I braved the snow to make it out to this annual extravaganza of needful things from across the globe. The offerings were varied as usual but as a decorative arts aficionado I am embarrassed to admit that I was more captivated by the fine arts offerings this time around. Starting with this arresting John Singer Sargent charcoal drawing of the dapper Robert Gould Shaw III in the booth of the venerable Fine Art Society of London. The quality is exceptional and it stopped just about everyone. It is no wonder that is already sold so early on in the fair (I would assume near the asking price of $160,00).
The sitter was the rather ill-fated son of Nancy Langhorne Astor who ultimately committed suicide after a long battle with alcoholism and depression. However dark the underpinnings may be, it is magnificent in its sheer presence. A quick look around the internet revealed that it surfaced in a small auction in Kent last year and achieved a tidy £23,000. Who knows where it will turn up next.
When you enter the show you are confronted by the Historic Hudson River Valley installation and this rather smart pair of American Gothic revival benches. They were actually owned by Washington Irving of Sleepy Hollow fame and date to 1836 which is rather early for this style in America. I was struck by their absolute purity, before the Gothic revival was watered-down and blurred into frilly Rococo revival permutations.
This simple sweeping wheel is mesmerizing in its simplicity and almost stark modernity. Suggesting the tracery of a rose window and at the same time a spinning wheel of the coming machine age.
Above one bench hangs a portrait of Washington Irving painted by John Wesley Jarvis in 1809. It is exquisitely painted with all the requisite Empire period drama. Who knew Irving cut such a handsome figure...but I digress.
I next stumbled upon the booth of Elle Shushan and their ever expanding array of portrait miniatures. I was particularly taken by this Henry Colton Shumway portrait of a gentleman circa 1840. The elegant elongation of his form is striking. You see it in the rather gossamer depictions of women of the period and is interesting to see in a male portrait.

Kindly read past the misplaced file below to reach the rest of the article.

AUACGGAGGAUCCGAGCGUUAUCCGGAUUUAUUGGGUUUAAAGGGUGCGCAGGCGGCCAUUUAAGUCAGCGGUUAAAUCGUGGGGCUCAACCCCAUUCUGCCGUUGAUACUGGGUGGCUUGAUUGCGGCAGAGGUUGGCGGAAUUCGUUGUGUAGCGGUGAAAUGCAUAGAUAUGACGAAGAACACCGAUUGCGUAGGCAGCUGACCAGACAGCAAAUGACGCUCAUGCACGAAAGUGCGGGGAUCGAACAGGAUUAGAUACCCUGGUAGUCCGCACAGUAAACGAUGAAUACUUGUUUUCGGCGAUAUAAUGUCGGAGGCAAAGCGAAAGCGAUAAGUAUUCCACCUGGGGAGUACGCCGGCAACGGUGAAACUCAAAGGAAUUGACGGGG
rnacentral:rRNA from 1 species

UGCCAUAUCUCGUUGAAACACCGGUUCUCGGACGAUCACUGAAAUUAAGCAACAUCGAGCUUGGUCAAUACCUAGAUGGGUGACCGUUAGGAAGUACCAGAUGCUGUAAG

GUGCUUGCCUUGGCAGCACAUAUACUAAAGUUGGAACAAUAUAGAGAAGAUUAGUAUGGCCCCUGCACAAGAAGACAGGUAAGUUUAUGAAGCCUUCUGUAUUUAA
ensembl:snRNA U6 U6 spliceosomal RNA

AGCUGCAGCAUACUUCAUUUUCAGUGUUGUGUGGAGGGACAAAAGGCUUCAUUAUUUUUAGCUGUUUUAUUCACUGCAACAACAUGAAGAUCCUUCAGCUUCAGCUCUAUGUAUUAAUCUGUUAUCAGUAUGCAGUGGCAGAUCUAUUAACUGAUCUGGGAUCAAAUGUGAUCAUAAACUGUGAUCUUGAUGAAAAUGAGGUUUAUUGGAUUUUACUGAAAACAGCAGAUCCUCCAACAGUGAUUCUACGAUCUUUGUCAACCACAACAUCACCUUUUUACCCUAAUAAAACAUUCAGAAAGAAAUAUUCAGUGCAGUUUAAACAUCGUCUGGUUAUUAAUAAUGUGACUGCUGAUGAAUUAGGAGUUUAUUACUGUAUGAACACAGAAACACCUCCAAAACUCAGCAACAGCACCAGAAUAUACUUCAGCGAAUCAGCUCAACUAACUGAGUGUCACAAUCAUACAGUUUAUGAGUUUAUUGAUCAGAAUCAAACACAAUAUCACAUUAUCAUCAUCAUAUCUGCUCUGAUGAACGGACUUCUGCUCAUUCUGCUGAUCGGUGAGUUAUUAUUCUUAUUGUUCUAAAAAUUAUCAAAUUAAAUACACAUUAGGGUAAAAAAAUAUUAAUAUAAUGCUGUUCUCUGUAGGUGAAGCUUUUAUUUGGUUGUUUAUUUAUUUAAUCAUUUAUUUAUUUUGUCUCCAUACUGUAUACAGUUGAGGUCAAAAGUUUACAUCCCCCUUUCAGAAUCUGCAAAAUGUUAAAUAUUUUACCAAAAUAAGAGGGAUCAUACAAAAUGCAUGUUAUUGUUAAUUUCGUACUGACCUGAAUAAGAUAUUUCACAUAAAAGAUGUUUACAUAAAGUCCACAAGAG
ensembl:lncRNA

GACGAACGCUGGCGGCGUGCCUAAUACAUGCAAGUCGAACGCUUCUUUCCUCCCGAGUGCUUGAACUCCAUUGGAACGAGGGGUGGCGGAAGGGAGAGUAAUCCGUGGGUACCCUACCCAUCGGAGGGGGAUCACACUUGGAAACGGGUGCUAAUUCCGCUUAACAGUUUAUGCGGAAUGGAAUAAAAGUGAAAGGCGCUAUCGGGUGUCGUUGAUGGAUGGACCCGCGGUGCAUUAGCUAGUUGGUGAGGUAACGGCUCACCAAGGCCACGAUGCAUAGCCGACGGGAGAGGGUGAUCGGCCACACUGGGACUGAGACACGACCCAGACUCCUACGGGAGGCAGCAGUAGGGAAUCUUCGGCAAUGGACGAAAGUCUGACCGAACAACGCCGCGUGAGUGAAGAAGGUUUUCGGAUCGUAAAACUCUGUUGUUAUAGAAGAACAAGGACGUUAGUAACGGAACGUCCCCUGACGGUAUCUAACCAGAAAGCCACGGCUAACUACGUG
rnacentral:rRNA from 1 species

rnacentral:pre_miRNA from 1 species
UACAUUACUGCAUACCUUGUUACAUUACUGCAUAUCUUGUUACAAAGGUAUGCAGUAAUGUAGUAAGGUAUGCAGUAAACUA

Maison Gerard did not disappoint with this rare Jules Leleu partially lacquered cabinet from 1933. However my focus was diverted to the lacquer panels just above and to the left of it.
One depicts a stylized city scene and the other abstract geometrics heightened with eggshell lacquer. I initially thought they were the work of Jean Dunand but in fact they are by the relatively under appreciated French lacquer artist Pierre Bobot. He deserves a full post soon I promise as I feel that he will only increase in estimation as works by Dunand become increasingly scarce and out of reach to most collectors. The panels are old friends that I remember seeing at auction in Paris this past December. They were offered from the estate of the artist's daughter Marie Therese Bobot but failed to sell even at their modest estimates. I am sure they will fare better in the capable hands of Maison Gerard.
Finally, I was quite impressed to see three Alexander Calder stabiles in the booth of Jonathan Boos. They date from the mid-1950s and it is not surprising that they were all sold so early in the show. While they are technically "fine art" they appeal to my passion for design. They transform in appearance as you move around them. Truly a microcosm of the artist's work.
Until next time--AR.
Update: The Bobot eggshell lacquer panel has sold. The venerable Maison Gerard was asking $28,000 and I am sure it found a good home. The other "Skyscraper" panel is still available to the tune of $42,000. We shall see what happens after the final weekend! Happy Hunting!